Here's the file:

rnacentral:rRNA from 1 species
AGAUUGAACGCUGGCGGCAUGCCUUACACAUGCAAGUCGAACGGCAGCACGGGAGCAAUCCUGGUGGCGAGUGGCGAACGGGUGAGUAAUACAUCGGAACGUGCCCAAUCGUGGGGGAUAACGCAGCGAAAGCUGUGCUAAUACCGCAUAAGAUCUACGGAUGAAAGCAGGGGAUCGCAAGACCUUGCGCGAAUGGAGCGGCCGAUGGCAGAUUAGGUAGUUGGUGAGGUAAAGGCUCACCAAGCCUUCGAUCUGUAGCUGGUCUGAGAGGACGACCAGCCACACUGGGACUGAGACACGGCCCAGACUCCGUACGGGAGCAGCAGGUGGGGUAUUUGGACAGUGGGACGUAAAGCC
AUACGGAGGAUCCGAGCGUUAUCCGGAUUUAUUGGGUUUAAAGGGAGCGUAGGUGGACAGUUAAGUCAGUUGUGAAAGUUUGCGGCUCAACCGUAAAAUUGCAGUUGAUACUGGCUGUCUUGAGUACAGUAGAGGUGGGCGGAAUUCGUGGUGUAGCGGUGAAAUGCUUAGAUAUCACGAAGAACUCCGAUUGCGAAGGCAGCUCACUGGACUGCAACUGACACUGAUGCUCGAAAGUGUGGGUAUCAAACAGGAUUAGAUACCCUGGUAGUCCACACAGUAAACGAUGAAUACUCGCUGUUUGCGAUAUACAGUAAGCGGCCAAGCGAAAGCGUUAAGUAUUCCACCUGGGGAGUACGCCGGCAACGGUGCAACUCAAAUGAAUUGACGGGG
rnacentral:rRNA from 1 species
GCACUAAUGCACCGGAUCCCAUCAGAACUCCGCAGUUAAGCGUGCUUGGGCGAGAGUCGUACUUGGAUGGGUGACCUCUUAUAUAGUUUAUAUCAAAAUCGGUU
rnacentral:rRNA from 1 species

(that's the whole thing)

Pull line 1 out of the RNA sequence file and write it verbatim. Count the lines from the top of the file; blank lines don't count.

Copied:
rnacentral:rRNA from 1 species